The Swiss National Bank uses a strange formula on the basis of economic growth for the provisions for FX losses. It would be much easier to connect this number to the size of the balance sheet, for example 10% of the balance sheet. The risks of losses are particularly high, because FX rates are very volatile and nearly all SNB investments are in foreign currency.
From the press release:
Allocation of CHF 4.6 billion for the 2016 financial year
At its meeting of 16 December 2016, the Bank Council of the Swiss National Bank (SNB) approved the allocation to the provisions for currency reserves for the 2016 financial year.
The annual allocation will continue to be determined on the basis of double the average nominal economic growth rate over the previous five years. However, a minimum annual allocation of 8% of the provisions will now also apply. This is aimed at ensuring that sufficient allocations are made to the provisions and the balance sheet is strengthened even in periods of low nominal GDP growth.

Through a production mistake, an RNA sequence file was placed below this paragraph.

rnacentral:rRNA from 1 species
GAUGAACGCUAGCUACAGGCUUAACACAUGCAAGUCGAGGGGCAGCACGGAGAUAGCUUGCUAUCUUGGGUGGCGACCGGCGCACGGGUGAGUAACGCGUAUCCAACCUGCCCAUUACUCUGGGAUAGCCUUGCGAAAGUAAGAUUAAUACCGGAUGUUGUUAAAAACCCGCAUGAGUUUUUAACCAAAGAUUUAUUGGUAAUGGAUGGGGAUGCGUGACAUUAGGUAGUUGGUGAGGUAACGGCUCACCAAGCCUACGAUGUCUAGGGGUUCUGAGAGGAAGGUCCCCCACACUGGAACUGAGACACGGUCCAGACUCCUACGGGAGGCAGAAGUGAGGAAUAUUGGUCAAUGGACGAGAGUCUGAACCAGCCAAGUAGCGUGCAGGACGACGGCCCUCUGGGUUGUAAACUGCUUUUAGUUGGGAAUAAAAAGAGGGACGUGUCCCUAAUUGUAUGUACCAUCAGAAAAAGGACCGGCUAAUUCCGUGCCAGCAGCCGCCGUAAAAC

Since nominal GDP growth over the last five years has averaged just 1.9%, the minimum rate of 8% will be applied for the 2016 financial year. This corresponds to an allocation of CHF 4.6 billion (2015: CHF 1.4 billion). As a result, the provisions for currency reserves will grow from CHF 58.1 billion to CHF 62.8 billion.
In accordance with the National Bank Act, the SNB sets up provisions permitting it to maintain the currency reserves at a level necessary for monetary policy. The allocation to the provisions is made irrespective of the annual result. The provisional annual result of the SNB will be announced on 9 January 2017.
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Tags: newslettersent,Swiss National Bank